Melissa Damico

The Grey Green Alliance collaboration between Ohio University and Ohio State University was recently featured in the new online science magazine The Athens Effect. Writer Anna Birk highlights the experience of Melissa Damico, the Ohio University Environmental Studies Honors Tutorial College sophomore who has served as a tangible bridge between the two universities. A member of the Dabelko Research Group in the Voinovich School, Damico spent summer 2019 embedded in Age-Friendly Columbus and Franklin County to conduct research on building climate resilience and more livable communities for older adults. Age-Friendly Columbus and Franklin County is a dynamic community advocate for older adults based in Ohio State University’s College of Social Work.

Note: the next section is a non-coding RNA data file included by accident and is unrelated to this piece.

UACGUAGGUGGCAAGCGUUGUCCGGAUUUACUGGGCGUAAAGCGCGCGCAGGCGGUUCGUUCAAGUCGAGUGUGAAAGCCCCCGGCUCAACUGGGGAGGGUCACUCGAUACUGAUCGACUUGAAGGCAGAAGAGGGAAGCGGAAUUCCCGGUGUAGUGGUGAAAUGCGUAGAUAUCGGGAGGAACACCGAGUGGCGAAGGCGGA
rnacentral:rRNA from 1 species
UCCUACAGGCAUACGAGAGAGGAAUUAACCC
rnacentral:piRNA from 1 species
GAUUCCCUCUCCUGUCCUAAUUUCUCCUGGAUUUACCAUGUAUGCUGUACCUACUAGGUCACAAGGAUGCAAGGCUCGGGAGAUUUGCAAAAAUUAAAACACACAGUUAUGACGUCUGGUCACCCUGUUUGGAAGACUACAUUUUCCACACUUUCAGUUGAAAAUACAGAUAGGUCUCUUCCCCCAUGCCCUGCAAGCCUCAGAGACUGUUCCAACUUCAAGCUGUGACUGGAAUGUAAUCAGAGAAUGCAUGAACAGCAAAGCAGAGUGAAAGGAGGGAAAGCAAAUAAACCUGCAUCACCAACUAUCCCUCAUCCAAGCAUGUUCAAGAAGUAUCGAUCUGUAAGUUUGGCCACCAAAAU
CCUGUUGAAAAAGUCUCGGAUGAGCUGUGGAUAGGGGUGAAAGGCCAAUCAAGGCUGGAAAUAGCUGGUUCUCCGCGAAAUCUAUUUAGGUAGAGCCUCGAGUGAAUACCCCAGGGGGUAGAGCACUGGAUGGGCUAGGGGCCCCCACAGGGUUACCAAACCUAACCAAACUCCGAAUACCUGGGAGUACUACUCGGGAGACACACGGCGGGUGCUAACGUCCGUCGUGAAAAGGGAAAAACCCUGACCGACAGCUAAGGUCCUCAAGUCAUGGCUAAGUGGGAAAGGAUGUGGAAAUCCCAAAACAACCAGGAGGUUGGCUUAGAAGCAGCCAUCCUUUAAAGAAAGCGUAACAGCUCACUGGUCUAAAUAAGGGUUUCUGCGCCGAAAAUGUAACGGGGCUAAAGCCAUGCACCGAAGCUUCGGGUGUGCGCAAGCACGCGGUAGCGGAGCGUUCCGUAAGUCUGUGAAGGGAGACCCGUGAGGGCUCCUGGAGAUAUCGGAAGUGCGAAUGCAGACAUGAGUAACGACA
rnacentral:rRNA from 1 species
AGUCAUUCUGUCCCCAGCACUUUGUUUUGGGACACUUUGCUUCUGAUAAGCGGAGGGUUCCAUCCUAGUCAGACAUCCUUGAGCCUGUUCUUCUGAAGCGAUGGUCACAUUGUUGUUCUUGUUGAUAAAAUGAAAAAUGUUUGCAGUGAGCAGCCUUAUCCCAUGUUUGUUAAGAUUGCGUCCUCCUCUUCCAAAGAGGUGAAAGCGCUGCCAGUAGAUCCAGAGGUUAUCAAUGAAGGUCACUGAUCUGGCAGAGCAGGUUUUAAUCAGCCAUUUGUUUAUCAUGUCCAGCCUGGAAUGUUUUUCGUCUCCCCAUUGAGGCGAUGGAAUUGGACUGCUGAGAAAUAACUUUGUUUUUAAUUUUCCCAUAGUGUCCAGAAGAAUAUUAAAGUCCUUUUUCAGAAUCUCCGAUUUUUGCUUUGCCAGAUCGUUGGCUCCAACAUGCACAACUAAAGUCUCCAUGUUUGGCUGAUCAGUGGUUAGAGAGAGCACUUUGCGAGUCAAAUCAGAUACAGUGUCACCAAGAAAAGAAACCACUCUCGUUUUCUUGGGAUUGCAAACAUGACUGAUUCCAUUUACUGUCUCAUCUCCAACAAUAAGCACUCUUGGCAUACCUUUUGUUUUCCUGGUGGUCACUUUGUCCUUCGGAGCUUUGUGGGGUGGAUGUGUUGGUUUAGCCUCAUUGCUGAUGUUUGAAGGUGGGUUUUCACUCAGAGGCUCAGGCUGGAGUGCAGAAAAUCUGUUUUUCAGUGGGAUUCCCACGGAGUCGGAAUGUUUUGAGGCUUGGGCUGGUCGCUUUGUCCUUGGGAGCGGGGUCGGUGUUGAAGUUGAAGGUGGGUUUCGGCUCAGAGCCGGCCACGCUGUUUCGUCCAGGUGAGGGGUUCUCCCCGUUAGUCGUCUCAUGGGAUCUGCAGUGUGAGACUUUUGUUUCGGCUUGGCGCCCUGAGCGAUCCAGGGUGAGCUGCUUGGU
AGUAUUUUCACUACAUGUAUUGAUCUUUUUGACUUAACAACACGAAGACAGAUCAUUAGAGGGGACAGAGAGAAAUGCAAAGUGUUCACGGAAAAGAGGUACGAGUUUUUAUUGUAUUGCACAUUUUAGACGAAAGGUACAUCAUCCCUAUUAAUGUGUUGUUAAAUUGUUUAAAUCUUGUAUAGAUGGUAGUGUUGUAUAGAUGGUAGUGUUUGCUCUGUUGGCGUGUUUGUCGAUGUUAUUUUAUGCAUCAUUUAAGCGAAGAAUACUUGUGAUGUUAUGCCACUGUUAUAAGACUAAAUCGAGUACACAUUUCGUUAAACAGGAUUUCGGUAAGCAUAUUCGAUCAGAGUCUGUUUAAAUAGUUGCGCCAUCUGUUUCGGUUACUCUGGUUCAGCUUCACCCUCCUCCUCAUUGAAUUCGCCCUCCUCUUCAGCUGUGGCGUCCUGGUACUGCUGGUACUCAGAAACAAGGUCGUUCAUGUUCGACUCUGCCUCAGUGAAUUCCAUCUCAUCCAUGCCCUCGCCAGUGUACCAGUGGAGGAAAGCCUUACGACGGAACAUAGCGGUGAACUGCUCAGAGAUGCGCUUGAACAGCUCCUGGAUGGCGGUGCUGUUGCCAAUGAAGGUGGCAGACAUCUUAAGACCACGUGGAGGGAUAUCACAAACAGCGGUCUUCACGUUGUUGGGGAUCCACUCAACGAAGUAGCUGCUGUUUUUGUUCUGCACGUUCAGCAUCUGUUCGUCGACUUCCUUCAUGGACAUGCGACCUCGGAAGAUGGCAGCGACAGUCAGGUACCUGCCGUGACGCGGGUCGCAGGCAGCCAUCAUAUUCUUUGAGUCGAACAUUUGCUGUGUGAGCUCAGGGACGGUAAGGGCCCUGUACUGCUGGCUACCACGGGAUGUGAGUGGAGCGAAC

Melissa continues to conduct research and support applied efforts to bring together older adults and sustainability and resilience including growing efforts in Athens City and Athens County. Melissa will work on a range of Grey Green Alliance topics as a Voinovich Scholar with the Dabelko Research Group for the 2020-21 school year.

Check out The Athens Effect story to learn more about Melissa’s applied research experience.

The DC internship is almost a right of passage for students aiming to get into policy work. I was that student in 1990 and was thrilled to work as an Editorial Assistant at Foreign Policy and learn from what became a string of excellent mentors. I did not fully appreciate it at the time, but that first position at the Carnegie Endowment for International Peace was an influential step in showing me what I did (and didn’t) want to do in the Washington policy world. It also was the start of lifelong DC friendships.